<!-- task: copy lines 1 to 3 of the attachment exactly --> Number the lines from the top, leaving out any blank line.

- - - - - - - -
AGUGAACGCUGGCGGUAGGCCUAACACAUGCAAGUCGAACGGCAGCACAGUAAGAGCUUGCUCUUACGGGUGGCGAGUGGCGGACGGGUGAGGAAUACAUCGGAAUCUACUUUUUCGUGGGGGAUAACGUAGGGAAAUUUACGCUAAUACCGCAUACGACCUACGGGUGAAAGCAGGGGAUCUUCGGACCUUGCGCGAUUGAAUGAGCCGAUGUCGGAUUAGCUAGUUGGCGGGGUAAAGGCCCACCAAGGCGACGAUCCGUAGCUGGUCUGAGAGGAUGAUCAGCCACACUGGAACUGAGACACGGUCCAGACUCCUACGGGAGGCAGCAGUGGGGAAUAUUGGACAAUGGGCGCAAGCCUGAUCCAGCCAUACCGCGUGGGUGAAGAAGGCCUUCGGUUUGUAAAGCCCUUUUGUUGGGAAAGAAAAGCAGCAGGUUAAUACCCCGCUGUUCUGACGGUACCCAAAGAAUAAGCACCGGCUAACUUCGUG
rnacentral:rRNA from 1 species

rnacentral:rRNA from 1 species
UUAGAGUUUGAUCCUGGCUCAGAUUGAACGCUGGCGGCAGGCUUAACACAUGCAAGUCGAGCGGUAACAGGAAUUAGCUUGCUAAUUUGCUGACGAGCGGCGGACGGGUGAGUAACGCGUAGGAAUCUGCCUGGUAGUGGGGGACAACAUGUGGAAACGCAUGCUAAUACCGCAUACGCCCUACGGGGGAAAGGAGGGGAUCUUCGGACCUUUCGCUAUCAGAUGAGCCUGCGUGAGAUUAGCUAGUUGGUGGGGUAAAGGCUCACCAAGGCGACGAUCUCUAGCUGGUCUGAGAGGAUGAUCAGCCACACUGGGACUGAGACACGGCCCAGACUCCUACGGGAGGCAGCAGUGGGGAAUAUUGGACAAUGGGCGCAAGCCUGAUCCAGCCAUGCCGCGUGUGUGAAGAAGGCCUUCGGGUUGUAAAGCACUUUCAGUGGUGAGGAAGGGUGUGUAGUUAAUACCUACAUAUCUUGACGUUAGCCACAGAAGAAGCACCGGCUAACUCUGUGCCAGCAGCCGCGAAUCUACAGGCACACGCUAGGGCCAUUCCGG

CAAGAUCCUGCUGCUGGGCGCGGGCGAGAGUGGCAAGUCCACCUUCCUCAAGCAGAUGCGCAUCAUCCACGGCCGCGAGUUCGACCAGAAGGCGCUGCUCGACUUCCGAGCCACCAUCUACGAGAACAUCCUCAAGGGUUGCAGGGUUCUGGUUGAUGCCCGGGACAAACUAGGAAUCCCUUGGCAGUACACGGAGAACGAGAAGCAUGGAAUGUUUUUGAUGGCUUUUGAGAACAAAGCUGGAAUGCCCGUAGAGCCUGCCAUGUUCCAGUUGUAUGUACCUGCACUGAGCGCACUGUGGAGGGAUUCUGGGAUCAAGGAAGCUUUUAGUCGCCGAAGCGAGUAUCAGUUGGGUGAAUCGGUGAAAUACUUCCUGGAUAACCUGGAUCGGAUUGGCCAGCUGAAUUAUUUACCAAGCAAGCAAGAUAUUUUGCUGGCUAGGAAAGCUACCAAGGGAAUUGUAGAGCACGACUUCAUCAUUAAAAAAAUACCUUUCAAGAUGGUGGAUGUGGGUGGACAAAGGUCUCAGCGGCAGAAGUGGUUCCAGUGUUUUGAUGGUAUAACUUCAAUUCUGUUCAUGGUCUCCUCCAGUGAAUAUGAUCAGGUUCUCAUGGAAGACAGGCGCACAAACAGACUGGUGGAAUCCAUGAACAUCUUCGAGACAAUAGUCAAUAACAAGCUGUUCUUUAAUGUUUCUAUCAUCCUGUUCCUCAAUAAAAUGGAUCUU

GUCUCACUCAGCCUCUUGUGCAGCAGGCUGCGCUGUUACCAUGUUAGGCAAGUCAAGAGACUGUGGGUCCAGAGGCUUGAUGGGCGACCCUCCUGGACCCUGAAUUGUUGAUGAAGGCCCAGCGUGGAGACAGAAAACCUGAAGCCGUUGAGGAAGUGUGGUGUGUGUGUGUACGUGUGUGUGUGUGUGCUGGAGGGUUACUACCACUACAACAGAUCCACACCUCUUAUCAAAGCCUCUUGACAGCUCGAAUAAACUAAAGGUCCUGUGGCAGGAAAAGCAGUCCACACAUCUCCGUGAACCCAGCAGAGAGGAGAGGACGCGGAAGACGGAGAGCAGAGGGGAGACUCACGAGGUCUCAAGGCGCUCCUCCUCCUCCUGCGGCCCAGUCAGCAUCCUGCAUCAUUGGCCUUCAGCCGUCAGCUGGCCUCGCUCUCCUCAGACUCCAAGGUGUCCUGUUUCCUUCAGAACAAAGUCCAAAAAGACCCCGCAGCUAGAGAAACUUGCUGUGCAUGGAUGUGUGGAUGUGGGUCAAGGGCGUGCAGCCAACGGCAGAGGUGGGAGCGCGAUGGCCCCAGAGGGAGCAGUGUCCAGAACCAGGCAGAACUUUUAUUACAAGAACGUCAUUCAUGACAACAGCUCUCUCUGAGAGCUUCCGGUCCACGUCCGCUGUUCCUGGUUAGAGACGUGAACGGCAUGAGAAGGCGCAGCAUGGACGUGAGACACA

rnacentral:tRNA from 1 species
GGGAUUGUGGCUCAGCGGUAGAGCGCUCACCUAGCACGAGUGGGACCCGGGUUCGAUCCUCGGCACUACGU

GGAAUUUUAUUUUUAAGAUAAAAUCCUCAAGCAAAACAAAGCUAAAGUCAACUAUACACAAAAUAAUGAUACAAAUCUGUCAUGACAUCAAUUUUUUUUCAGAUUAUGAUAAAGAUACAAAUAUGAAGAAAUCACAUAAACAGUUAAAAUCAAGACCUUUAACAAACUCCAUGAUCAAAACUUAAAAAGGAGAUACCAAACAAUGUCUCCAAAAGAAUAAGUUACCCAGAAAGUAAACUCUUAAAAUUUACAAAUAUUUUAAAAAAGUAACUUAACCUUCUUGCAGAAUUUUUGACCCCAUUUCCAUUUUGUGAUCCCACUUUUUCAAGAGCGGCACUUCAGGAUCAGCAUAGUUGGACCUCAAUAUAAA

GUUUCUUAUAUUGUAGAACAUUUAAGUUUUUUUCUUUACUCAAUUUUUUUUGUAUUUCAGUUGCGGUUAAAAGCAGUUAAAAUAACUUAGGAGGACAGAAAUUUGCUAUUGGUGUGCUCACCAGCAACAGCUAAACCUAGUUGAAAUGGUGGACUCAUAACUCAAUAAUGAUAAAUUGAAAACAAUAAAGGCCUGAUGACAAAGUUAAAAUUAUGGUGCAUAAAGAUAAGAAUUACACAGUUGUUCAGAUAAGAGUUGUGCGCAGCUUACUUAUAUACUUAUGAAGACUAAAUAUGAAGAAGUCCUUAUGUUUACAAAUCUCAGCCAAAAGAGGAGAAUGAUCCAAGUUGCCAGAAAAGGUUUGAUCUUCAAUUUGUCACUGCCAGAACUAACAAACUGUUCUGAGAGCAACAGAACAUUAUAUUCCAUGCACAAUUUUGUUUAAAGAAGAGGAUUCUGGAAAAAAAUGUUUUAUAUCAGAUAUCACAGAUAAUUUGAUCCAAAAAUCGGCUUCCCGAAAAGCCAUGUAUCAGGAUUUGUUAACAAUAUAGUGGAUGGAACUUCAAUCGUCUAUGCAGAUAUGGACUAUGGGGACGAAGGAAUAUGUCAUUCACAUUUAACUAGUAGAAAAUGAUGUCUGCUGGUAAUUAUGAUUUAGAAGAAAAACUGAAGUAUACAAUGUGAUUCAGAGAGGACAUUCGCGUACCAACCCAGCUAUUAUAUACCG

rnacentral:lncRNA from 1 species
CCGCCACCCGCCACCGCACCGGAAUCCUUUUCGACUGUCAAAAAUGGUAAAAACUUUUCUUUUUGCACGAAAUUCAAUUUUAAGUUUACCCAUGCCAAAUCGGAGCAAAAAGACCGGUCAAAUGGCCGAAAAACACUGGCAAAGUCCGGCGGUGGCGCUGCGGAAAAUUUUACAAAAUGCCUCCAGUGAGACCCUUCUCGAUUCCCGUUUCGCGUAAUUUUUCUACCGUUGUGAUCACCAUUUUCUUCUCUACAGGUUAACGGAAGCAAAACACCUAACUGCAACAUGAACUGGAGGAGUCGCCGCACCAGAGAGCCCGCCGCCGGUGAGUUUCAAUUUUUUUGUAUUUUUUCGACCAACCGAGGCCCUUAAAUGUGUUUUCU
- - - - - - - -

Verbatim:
AGUGAACGCUGGCGGUAGGCCUAACACAUGCAAGUCGAACGGCAGCACAGUAAGAGCUUGCUCUUACGGGUGGCGAGUGGCGGACGGGUGAGGAAUACAUCGGAAUCUACUUUUUCGUGGGGGAUAACGUAGGGAAAUUUACGCUAAUACCGCAUACGACCUACGGGUGAAAGCAGGGGAUCUUCGGACCUUGCGCGAUUGAAUGAGCCGAUGUCGGAUUAGCUAGUUGGCGGGGUAAAGGCCCACCAAGGCGACGAUCCGUAGCUGGUCUGAGAGGAUGAUCAGCCACACUGGAACUGAGACACGGUCCAGACUCCUACGGGAGGCAGCAGUGGGGAAUAUUGGACAAUGGGCGCAAGCCUGAUCCAGCCAUACCGCGUGGGUGAAGAAGGCCUUCGGUUUGUAAAGCCCUUUUGUUGGGAAAGAAAAGCAGCAGGUUAAUACCCCGCUGUUCUGACGGUACCCAAAGAAUAAGCACCGGCUAACUUCGUG
rnacentral:rRNA from 1 species

rnacentral:rRNA from 1 species